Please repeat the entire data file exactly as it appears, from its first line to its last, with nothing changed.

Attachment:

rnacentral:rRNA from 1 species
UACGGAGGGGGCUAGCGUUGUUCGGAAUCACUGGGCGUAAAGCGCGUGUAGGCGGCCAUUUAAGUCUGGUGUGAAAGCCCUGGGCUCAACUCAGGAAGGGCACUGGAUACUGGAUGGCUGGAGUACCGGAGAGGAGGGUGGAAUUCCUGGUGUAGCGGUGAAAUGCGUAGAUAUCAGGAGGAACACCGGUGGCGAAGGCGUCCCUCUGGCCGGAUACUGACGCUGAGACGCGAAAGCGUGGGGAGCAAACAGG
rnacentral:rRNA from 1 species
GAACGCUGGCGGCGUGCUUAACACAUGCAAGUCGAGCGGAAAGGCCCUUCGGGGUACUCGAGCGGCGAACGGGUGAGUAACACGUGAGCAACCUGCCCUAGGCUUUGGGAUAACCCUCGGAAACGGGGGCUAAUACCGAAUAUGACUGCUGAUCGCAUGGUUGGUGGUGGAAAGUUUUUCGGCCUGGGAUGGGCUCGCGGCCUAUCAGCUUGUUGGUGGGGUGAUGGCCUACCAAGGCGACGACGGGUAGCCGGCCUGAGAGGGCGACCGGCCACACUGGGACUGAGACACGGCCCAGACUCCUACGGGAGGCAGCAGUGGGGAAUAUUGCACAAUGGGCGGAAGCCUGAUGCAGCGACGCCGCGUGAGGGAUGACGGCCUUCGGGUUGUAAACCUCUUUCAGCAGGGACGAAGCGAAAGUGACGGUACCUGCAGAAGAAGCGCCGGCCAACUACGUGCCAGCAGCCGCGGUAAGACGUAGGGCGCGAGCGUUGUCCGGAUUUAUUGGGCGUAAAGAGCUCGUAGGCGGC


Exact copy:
rnacentral:rRNA from 1 species
UACGGAGGGGGCUAGCGUUGUUCGGAAUCACUGGGCGUAAAGCGCGUGUAGGCGGCCAUUUAAGUCUGGUGUGAAAGCCCUGGGCUCAACUCAGGAAGGGCACUGGAUACUGGAUGGCUGGAGUACCGGAGAGGAGGGUGGAAUUCCUGGUGUAGCGGUGAAAUGCGUAGAUAUCAGGAGGAACACCGGUGGCGAAGGCGUCCCUCUGGCCGGAUACUGACGCUGAGACGCGAAAGCGUGGGGAGCAAACAGG
rnacentral:rRNA from 1 species
GAACGCUGGCGGCGUGCUUAACACAUGCAAGUCGAGCGGAAAGGCCCUUCGGGGUACUCGAGCGGCGAACGGGUGAGUAACACGUGAGCAACCUGCCCUAGGCUUUGGGAUAACCCUCGGAAACGGGGGCUAAUACCGAAUAUGACUGCUGAUCGCAUGGUUGGUGGUGGAAAGUUUUUCGGCCUGGGAUGGGCUCGCGGCCUAUCAGCUUGUUGGUGGGGUGAUGGCCUACCAAGGCGACGACGGGUAGCCGGCCUGAGAGGGCGACCGGCCACACUGGGACUGAGACACGGCCCAGACUCCUACGGGAGGCAGCAGUGGGGAAUAUUGCACAAUGGGCGGAAGCCUGAUGCAGCGACGCCGCGUGAGGGAUGACGGCCUUCGGGUUGUAAACCUCUUUCAGCAGGGACGAAGCGAAAGUGACGGUACCUGCAGAAGAAGCGCCGGCCAACUACGUGCCAGCAGCCGCGGUAAGACGUAGGGCGCGAGCGUUGUCCGGAUUUAUUGGGCGUAAAGAGCUCGUAGGCGGC